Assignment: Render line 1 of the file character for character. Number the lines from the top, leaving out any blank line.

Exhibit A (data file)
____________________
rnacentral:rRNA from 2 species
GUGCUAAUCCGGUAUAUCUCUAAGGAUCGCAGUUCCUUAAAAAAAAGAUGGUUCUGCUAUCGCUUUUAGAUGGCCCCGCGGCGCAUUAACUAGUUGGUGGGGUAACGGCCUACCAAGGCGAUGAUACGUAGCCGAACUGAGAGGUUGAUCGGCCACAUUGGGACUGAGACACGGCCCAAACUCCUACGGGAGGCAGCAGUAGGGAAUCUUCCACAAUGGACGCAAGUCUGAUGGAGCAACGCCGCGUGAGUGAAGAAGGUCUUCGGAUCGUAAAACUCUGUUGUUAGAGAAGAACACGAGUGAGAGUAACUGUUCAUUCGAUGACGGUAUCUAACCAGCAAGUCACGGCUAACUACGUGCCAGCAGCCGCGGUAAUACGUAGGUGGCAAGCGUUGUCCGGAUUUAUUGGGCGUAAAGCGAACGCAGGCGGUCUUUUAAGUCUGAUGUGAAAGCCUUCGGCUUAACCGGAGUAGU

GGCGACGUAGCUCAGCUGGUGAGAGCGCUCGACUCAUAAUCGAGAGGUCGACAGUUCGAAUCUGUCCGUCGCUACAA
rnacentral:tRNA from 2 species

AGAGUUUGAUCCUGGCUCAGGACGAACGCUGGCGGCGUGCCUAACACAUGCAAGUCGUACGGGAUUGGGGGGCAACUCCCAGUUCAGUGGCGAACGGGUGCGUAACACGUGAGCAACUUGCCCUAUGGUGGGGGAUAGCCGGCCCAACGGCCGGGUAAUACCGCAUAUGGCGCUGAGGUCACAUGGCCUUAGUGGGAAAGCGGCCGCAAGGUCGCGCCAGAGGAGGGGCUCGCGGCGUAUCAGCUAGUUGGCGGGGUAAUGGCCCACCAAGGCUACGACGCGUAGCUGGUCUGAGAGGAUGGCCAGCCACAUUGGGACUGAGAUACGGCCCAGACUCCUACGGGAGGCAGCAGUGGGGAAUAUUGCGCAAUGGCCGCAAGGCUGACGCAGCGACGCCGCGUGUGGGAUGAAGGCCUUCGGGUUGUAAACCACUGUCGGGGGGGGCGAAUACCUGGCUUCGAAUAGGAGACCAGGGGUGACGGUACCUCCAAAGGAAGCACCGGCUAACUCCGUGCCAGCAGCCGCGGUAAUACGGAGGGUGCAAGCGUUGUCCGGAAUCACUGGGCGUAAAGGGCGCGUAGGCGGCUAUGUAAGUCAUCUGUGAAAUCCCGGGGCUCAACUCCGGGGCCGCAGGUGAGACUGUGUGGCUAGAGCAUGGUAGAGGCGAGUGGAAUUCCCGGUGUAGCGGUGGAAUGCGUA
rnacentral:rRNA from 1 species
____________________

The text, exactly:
rnacentral:rRNA from 2 species